The objection of immateriality made by defendant was upon the ground that the letters only contradicted the witness upon an immaterial matter, viz., her belief as to the paternity of the child of the prosecutrix, Miss Keating, whether it was the child of the witness' husband or his brother's. We think the letters which contradicted the witness upon that question were properly received in evidence, and there was no separate objection taken to the others. Those which contradicted the witness might as evidence have some weight upon the question of her credibility, and the contradiction cannot be said to have been so plainly upon an immaterial matter as to have rendered the admission of the letters error on that ground. The further ground of objection to their admission was that they were confidential communications from a wife to her husband. The answer to this objection is that the letters, after they had been received by the defendant, were given by him to his mistress, the prosecutrix, Annie M. Keating, and she subsequently delivered them to the district attorney by whom they were offered in evidence. Comment upon the baseness of this act of the defendant is unnecessary. It speaks for itself. The result, however, is to release the letters form the operation of the rule as to confidential communications between husband and wife and to leave them open to use as evidence to the same extent as if no such rule had ever guarded them. The rule which protects confidential communications of this nature was founded upon a wise public policy, adopted and pursued for the purpose of encouraging to the utmost the mutual confidence between husband and wife which is the strongest guaranty of a happy marriage. To this end the common law provided that all communications between husband and wife which were of a confidential nature should be kept inviolate and should not be drawn form either party by any process of law. (1 Stark. on Ev. m.p. 39; Greenl. on Ev. [14th ed.] § 254.) The law appreciated the fact that even truth itself might be pursued too keenly and might cost too much. The general evil of infusing reserve and dissimulation between parties occupying such relations to each other, would be too great a price to pay for the chance of obtaining and establishing the truth in regard to some matter under legal investigation. (1 Greenl. on Ev. § 240, note a, citing Minet v. Morgan, L.R. [8 Ch. App.] 361.) The case just cited related to confidential communications between attorney and client, but the principles are also applicable and with added force to communications between husband and wife.
If, however, the privilege have been once waived by the parties, it cannot be again invoked. It is personal, so that if one overhear such a communication he may testify to it, if it be otherwise admissible in evidence. ( Comm. v. Griffin, 110 Mass. 181; State v. Center, 35 Vt. 378, 386; Rex v. Simons, 6 Car. P. 540; S.C., 25 Eng. Com. L. 565.) And when the husband or wife, to whom a written confidential communication is addressed, makes it public by giving it to another, the confidential character of the communication as against such party has departed and it may be treated like any other communication and put in evidence if otherwise admissible. State v. Hoyt, 47 Conn. 518, 540; State v. Buffington, 20 Kans. 599, 613.)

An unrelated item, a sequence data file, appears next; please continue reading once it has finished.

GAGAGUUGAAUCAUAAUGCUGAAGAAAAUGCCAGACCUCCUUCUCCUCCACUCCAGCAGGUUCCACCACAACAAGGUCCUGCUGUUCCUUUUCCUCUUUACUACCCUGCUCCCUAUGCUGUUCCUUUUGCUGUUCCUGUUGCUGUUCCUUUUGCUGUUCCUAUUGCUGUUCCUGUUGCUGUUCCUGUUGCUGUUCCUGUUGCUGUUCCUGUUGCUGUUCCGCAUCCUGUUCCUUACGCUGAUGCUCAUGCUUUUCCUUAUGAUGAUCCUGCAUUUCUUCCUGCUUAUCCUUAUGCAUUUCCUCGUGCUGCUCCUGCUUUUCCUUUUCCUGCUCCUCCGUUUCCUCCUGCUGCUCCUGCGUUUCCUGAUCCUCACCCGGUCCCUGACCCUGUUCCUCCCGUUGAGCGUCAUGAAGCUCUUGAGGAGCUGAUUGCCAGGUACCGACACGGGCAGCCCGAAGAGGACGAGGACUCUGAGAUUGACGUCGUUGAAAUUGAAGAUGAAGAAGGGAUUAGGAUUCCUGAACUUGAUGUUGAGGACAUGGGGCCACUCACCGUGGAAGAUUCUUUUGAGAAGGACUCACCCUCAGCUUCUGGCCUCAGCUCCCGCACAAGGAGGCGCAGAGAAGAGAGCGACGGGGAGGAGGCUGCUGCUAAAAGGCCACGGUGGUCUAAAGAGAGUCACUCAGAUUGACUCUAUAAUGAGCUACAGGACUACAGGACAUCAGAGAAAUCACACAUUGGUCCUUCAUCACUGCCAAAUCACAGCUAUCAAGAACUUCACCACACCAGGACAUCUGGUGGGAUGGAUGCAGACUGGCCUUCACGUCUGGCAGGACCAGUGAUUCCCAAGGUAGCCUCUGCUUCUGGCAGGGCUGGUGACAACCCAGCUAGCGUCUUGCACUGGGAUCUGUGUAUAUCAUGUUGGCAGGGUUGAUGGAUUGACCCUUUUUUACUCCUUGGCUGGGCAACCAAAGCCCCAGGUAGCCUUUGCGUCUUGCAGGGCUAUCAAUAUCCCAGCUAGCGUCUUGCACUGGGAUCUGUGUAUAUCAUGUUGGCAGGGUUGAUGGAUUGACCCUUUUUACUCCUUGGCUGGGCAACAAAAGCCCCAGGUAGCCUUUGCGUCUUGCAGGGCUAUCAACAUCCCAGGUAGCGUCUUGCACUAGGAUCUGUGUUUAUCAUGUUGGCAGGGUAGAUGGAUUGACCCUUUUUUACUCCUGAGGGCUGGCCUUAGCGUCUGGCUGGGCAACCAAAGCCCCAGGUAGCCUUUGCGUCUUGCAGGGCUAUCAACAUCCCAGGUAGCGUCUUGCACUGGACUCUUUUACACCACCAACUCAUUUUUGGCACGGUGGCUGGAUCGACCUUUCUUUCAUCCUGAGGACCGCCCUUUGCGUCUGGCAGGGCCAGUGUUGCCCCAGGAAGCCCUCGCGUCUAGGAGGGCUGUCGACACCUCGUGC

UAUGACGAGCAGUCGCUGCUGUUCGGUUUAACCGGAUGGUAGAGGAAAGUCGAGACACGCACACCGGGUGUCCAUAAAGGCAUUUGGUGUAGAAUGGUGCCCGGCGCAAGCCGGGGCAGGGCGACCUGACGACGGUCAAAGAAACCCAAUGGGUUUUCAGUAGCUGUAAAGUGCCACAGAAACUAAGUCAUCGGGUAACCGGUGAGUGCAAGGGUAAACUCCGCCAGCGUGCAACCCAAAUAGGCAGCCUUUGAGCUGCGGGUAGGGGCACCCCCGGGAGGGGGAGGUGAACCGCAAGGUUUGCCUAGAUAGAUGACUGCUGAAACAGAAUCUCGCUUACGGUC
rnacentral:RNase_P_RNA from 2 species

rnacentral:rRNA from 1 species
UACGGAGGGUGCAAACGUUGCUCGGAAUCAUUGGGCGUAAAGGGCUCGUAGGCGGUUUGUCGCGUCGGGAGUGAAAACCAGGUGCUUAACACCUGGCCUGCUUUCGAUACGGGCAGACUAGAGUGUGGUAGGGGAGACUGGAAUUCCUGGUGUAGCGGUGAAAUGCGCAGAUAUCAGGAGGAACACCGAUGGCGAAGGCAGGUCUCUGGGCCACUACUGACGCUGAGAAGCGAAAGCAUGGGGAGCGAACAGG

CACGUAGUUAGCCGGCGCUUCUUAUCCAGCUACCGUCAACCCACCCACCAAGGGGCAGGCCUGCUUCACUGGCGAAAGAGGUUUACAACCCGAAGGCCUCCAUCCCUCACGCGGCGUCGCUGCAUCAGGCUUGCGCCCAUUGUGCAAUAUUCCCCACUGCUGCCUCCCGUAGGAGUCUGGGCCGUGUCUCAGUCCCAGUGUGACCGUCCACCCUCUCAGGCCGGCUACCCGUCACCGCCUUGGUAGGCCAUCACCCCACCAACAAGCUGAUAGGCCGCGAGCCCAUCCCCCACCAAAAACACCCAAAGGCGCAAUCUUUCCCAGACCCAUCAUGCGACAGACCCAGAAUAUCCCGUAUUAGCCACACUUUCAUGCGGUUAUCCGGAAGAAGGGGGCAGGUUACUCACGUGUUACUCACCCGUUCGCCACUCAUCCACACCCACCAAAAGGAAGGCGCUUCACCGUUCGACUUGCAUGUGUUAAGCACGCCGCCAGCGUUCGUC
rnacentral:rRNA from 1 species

In this case every reason upon which the rule rejecting a confidential communication was originally founded is absent. The letters were addressed by the wife to her husband, and he, deliberately violating every principle of honor and decency, gives the letters to his mistress, by whom they were delivered to the district attorney. A rule which would still preserve the confidential character of these letters as against this husband would be founded upon more sentiment than sense.
(4) The charge of the learned judge in regard to the defendant not going on the stand as a witness was not subject to legal objection. The court told the jury that the defendant was not bound to go on the stand, and that he could say to the prosecution, "prove your case against me; it is my judgment that the situation is such that I am not bound to take the witness stand, and the law gives me that right, and the law gives me that privilege. I charge you that the law says there is no presumption to be taken against a defendant by reason of the fact that he does not take the witness stand." The charge is criticised on the ground, as alleged, that the language which the judge put in the mouth of the defendant amounted to a covert insinuation that the situation was such that it would be disastrous to the defendant if he took the stand. I think the criticism ill-founded. The jury were plainly instructed as to the law and the rights of the defendant. The insinuation suggested would be unwarranted from the language used. On the contrary, the natural interpretation would be that the defendant regarded the situation as one wholly lacking in proof of guilt, and he was under no obligation to go on the stand and explain what as yet required no explanation. The case of Ruloff v. People ( 45 N.Y. 213, 222) is authority for the correctness of the course pursued by the learned judge.
(5) The defendant's counsel complains also that one of the witnesses for defendant was committed to jail by the court in the presence of the jury, because of the character of his evidence given while on the stand as a witness.
This is not a question of legal error. The action of the court was within its power, and to be exercised within the sound discretion of the judge.
That it might have a bad effect upon the jury and thereby prejudice the defendant's case was one of the matters to be considered by the judge before making the order, but we do not think it was legal error to make the order under the circumstances.
We have carefully looked at and considered each and all the other grounds for a new trial which are set forth and discussed in the brief of the counsel for defendant, and we are quite clear that they do not show any errors committed to the prejudice of the defendant.
The judgment should be affirmed.
All concur, except BARTLETT, J., not sitting.